Moving abroad is a big step for many expatriates, but the decision to return home can be just as difficult, and picking the right moment is vital.
Many expats living in South Korea have started to contemplate the fact that tensions are rising between the country they have begun to call home and its closest neighbour to the north.
Around two per cent of South Korea's population is made up of foreigners with an estimated 22,000 of them English language teachers.
It is now up to them to decide whether it is safe to stay and continue their lives in the country or look for a job elsewhere.
Some expats have been impressed by the way that citizens have seemed unphased by the perceived increased threat and this has made them feel safer.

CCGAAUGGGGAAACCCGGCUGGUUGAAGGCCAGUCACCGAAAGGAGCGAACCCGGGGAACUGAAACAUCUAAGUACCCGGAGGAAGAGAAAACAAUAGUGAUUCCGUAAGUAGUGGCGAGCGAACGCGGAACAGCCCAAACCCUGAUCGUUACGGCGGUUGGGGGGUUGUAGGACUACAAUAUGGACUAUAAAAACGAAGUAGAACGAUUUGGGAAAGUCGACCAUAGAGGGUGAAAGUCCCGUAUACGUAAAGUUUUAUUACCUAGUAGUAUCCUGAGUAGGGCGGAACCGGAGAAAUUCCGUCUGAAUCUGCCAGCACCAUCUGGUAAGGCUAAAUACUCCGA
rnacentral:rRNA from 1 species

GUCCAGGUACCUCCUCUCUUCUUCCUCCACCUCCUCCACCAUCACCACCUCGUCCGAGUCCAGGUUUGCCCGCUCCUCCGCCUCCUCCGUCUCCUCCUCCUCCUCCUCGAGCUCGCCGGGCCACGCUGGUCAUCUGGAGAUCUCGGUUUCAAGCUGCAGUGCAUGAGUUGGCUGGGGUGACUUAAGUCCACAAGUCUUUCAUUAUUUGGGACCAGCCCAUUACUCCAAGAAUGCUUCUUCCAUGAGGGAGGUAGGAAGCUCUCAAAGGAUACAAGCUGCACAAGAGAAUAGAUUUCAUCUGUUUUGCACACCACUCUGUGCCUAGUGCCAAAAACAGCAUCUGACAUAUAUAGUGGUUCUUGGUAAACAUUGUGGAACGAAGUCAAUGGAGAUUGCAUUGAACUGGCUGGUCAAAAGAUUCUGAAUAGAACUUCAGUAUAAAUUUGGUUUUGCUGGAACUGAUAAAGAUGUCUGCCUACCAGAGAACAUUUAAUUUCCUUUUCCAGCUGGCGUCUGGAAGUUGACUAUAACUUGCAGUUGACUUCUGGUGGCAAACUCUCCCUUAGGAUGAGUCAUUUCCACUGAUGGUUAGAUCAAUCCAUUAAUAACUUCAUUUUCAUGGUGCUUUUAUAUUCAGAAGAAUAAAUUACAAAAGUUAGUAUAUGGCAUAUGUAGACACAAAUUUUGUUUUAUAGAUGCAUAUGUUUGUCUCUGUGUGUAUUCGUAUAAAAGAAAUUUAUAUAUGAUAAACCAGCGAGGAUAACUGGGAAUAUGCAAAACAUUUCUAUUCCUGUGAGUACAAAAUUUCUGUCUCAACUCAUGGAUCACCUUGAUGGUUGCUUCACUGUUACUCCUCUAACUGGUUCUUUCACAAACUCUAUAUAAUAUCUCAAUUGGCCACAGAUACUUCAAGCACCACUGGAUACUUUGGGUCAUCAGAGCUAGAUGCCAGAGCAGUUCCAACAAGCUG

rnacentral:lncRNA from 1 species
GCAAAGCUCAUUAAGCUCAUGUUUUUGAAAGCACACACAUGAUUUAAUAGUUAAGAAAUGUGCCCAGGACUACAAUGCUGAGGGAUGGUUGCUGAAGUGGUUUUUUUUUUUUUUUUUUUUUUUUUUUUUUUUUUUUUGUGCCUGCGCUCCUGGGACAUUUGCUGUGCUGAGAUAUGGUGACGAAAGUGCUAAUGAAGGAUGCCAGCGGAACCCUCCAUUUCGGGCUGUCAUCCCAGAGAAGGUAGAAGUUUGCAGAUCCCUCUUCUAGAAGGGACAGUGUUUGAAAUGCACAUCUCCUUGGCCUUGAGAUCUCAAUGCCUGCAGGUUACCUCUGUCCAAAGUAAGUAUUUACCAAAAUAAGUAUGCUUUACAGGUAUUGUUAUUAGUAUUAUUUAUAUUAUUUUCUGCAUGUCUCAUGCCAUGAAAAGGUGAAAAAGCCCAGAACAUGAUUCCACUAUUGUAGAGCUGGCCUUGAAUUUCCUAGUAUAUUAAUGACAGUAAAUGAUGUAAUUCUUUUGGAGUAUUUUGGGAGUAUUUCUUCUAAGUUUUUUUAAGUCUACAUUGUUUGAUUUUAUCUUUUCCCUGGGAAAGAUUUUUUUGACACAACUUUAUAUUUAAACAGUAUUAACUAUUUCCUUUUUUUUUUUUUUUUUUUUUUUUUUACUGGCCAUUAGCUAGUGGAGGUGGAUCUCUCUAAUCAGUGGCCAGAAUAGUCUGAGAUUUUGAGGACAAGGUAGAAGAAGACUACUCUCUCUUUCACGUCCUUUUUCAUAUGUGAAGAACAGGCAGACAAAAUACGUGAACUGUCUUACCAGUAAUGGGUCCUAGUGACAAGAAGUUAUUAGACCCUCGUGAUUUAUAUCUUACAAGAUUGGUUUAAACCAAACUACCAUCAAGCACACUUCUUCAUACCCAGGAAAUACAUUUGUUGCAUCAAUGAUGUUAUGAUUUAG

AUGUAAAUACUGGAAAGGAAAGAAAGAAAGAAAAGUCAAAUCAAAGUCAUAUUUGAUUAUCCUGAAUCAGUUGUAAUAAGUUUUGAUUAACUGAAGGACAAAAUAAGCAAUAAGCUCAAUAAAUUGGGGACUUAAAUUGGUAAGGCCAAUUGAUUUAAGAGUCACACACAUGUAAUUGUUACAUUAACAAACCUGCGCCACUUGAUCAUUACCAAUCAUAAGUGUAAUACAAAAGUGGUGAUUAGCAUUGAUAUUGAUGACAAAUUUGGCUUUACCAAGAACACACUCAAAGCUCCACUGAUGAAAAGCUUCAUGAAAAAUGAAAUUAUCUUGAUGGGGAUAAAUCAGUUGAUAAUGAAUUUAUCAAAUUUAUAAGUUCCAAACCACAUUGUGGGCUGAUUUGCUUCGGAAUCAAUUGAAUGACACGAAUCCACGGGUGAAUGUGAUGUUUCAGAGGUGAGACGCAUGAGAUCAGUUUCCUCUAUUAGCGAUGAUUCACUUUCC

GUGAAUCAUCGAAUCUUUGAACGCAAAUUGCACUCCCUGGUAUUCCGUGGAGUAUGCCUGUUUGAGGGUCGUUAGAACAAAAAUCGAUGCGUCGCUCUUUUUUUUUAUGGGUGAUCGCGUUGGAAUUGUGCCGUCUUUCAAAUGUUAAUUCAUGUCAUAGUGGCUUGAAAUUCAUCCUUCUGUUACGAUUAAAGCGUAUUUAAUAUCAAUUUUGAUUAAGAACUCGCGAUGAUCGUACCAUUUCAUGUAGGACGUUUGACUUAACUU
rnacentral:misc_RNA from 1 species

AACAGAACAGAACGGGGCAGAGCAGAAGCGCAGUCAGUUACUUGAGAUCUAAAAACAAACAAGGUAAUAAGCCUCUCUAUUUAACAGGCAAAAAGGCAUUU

Vincent Van Wattum, an American teacher in South Korea, told CNN: "Reactions are non-existent at the moment. My co-teachers and I have never discussed it and it never comes up among Koreans in general conversation.
"Just in case, I packed a light bag, ready with my passport, some cash and a change of clothes ready to go if I need to get out of Dodge."
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